Friday, March 12, 2010

Time Clueless on Tankers

Boeing or Bust: Europeans Cry Foul Over a Defense Contract

In the Time article linked above, yet again the national media comes up looking clueless in its coverage of the endless tanker contract spat. This article, by Bruce Crumley is all about the faux fury of French officials over the supposed unfairness of the bidding process leading up to the recent grandstanding exit of the Northrup Grumman/EADS team from the competition. Crumley takes at face value the French assertions that the EADS team was wronged. Cruley's sole bow to objectivity on this issue is to quote a French defense company executive acknowledging that virtually no country in the world plays big defense contracts straight when the contest involves viable domestic competitors.

That's almost certainly true, but with that as the only nod to balance on this issue it leaves the distinct impression that there are no valid arguments for why the Boeing tanker made the most sense. The fact is that the 767 tanker is a much better fit size-wise as a replacement for the 707-based tankers that the planes bought in this contract are to replace. That means the Boeing tanker can take over for the tankers being retired with much less operational disruption or secondary expenses than the larger A330-based KC45. That in and of itself does not guarantee that the Boeing tanker makes the most sense. It does mean that the predictable cry of foul from the French needs to be put in context.

An important part of that context is that, EADS and it's Airbus subsidiary, which are the real losers behind the thin Northrop veil of domesticity around the KC45 team, really are long-standing (and very successful) industrial policy projects of the major European governments, most notably including France. Neither EADS nor Airbus is a true private enterprise in its history or in its market participation. Of course the European governments that write the checks for EADS are disappointed that they will not be getting to shift some of their subsidy obligations to U.S. tax payer. That fact is no indication in itself of any merit to their complaints, and Crumley's story becomes silly in presenting the frothy performance as though it is meaningful by itself.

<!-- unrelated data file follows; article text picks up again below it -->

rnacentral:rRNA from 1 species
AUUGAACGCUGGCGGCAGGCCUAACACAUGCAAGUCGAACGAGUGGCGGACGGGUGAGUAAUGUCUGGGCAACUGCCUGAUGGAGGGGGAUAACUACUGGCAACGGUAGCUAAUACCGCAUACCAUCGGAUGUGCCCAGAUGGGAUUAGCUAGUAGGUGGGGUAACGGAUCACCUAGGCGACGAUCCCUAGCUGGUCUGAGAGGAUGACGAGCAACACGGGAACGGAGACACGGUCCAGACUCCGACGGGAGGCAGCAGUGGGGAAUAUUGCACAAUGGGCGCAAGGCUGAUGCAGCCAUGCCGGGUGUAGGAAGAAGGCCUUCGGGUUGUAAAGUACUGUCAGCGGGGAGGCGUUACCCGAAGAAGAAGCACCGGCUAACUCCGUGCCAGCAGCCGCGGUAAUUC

Far less defensible from an objectivity standpoint, is Crumley's credulous scribe work for the endlessly embarrassing Alabama Senator, Richard Shelbey. Shelbey and Alabama would have been major beneficiaries of an EADS win, since the KC45 finishing facility was to be built in Mobile. Shelbey and Alabama would be huge winners in an award of the tanker contract to the French company, even if the Air Force, the U.S. aerospace industry, and the American tax payer would not, and he has never been shy about working for that outcome. He has been distinguished by his relentlessness in slandering northern U.S. workers and companies, in the service of his prospective European partners. Any review of Shelbey's past statements on this subject would have disqualified him from being cited as a disinterested American commentator, but Crumley slavishly cites Shelbey as just that.

"Even some American observers groused that the EADS offer was clearly superior to Boeing's revised bids. U.S. Senator Richard Shelby, a Republican from Alabama, said "the Air Force had a chance to deliver the most capable tanker possible to our war fighters and blew it" by meddling with the process "to produce the best outcome [for Boeing]."
Read more:,8599,1971382,00.html#ixzz0i0pNje9J

An astute ten-year old could recognize Shelbey's puffed up sanctimony about "war fighters" as the labored spinning of a salesman, but Crumley doesn't have a clue.

Maybe Time should hire some astute ten year olds to help them extract, for their readers, a nuanced and accurate understanding of the complex public policy issues of the day. Journalism like Crumley's here, succeeds only at presenting a meaningless sample scooped out of the mountain of spin that every citizen is inundated with on a daily basis.

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